There are two big takeaways from this story. First, there is a turtle out there who has a green mohawk and breathes through its genitals. Second, there’s a sad reality that might not exist much longer. It’s called the Mary River Turtle and it is unsurprisingly found in the Mary River of Queensland. Its trademark green mohawk is actually algae that grow on the docile reptile’s body. Meanwhile, it’s cloaca, the hole that works for both excretion and reproduction on birds and reptiles, is also capable of respiration. That means it has to smell its own butt whenever it takes a breath.
The Mary River Turtle’s problems began when they became popular pets in the 60’s and 70’s. Their docile nature made them easy prey for collectors and pet merchants. As a result, the turtle is now placed 30th on ZSL’s Evolutionarily Distinct and Globally Endangered (Edge) list for reptiles. #1 on the list currently goes to the Madagascar big-headed turtle, which is still being hunted for its meat and shell.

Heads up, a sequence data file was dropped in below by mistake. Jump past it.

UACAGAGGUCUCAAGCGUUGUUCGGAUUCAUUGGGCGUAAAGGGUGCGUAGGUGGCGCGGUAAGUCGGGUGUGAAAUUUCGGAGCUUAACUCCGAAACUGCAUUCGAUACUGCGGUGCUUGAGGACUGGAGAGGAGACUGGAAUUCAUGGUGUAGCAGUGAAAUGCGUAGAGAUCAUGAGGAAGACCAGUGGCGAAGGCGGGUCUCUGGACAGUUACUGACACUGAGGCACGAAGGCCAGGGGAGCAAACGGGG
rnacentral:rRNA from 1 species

Rikki Gumbs, co-ordinator of Edge reptiles, had this to say about the punk rock reptile:
“Reptiles often receive the short end of the stick in conservation terms, compared with the likes of birds and mammals. However, the Edge reptiles list highlights just how unique, vulnerable and amazing these creatures really are. Just as with tigers, rhinos, and elephants, it is vital we do our utmost to save these unique and too often overlooked animals. Many Edge reptiles are the sole survivors of ancient lineages, whose branches of the tree of life stretching back to the age of the dinosaurs. If we lose these species there will be nothing like them left on Earth.”